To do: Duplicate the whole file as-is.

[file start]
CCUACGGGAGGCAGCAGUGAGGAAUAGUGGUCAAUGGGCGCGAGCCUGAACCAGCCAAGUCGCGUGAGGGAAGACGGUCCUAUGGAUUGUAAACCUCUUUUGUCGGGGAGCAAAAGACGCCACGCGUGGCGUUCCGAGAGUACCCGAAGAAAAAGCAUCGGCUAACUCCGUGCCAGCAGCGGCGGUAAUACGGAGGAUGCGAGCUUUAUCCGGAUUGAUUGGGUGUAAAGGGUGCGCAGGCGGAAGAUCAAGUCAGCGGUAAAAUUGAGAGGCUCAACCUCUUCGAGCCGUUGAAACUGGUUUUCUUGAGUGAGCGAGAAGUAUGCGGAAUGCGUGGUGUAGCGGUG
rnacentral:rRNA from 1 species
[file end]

CCUACGGGAGGCAGCAGUGAGGAAUAGUGGUCAAUGGGCGCGAGCCUGAACCAGCCAAGUCGCGUGAGGGAAGACGGUCCUAUGGAUUGUAAACCUCUUUUGUCGGGGAGCAAAAGACGCCACGCGUGGCGUUCCGAGAGUACCCGAAGAAAAAGCAUCGGCUAACUCCGUGCCAGCAGCGGCGGUAAUACGGAGGAUGCGAGCUUUAUCCGGAUUGAUUGGGUGUAAAGGGUGCGCAGGCGGAAGAUCAAGUCAGCGGUAAAAUUGAGAGGCUCAACCUCUUCGAGCCGUUGAAACUGGUUUUCUUGAGUGAGCGAGAAGUAUGCGGAAUGCGUGGUGUAGCGGUG
rnacentral:rRNA from 1 species